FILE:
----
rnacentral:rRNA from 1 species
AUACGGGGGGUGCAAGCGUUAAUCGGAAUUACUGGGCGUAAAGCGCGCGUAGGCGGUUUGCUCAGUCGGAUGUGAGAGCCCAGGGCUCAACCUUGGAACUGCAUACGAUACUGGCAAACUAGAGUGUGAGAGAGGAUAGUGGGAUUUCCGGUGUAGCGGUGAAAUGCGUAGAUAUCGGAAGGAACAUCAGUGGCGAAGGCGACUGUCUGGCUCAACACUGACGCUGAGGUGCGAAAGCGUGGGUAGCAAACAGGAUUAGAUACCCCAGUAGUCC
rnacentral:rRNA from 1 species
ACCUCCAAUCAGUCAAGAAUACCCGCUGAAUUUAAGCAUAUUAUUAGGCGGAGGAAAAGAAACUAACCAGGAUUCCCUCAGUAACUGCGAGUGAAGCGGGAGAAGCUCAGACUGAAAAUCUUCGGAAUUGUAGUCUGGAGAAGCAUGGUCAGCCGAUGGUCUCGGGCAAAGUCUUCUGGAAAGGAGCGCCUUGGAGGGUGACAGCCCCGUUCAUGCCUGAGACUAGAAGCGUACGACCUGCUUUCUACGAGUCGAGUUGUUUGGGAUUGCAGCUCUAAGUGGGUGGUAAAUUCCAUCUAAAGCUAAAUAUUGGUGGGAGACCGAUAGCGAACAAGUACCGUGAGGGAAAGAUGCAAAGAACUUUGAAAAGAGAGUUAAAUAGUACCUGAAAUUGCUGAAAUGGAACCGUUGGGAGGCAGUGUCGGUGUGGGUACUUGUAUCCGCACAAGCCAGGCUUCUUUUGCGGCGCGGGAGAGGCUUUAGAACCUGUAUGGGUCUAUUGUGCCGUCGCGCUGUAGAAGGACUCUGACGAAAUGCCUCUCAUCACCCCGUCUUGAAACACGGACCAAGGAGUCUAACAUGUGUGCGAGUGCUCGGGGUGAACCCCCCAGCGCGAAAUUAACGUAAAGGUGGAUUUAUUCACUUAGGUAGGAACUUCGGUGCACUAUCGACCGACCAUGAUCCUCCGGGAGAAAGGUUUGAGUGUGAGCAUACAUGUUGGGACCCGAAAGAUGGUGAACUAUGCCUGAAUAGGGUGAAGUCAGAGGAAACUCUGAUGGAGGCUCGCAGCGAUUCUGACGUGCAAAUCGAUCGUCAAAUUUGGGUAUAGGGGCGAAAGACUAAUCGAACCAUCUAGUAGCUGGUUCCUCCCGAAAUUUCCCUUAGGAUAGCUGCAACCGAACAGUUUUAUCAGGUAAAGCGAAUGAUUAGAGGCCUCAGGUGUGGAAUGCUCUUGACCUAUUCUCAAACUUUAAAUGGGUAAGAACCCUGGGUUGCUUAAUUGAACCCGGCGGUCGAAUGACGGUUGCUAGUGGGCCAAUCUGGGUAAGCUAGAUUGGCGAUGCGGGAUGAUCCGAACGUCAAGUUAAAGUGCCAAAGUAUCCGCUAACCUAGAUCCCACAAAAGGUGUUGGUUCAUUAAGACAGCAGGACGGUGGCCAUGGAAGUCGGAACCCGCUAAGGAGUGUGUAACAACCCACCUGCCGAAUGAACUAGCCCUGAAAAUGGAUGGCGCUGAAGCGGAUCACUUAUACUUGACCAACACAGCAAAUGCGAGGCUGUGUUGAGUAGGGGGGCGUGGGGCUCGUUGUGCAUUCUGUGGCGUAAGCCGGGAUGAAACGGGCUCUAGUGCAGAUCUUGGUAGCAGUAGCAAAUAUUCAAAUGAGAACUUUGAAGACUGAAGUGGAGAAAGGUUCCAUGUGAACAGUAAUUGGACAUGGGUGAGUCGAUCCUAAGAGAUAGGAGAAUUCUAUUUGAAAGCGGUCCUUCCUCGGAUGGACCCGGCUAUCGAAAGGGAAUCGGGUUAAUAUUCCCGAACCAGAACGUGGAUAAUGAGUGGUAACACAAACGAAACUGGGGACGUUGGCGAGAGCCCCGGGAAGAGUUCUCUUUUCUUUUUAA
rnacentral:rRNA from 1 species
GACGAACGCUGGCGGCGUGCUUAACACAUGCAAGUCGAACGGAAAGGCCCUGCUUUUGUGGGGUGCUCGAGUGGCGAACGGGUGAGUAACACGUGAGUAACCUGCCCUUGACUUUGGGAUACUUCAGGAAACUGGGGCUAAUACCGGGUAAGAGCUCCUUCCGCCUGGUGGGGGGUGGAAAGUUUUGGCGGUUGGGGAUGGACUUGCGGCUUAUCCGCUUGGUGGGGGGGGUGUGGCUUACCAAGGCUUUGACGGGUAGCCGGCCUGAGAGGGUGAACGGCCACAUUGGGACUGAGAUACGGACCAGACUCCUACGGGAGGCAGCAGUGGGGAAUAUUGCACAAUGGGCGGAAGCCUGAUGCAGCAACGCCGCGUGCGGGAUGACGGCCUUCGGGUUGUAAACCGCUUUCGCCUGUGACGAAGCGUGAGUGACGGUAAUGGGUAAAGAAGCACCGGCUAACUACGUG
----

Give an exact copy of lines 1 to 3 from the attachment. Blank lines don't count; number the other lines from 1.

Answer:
rnacentral:rRNA from 1 species
AUACGGGGGGUGCAAGCGUUAAUCGGAAUUACUGGGCGUAAAGCGCGCGUAGGCGGUUUGCUCAGUCGGAUGUGAGAGCCCAGGGCUCAACCUUGGAACUGCAUACGAUACUGGCAAACUAGAGUGUGAGAGAGGAUAGUGGGAUUUCCGGUGUAGCGGUGAAAUGCGUAGAUAUCGGAAGGAACAUCAGUGGCGAAGGCGACUGUCUGGCUCAACACUGACGCUGAGGUGCGAAAGCGUGGGUAGCAAACAGGAUUAGAUACCCCAGUAGUCC
rnacentral:rRNA from 1 species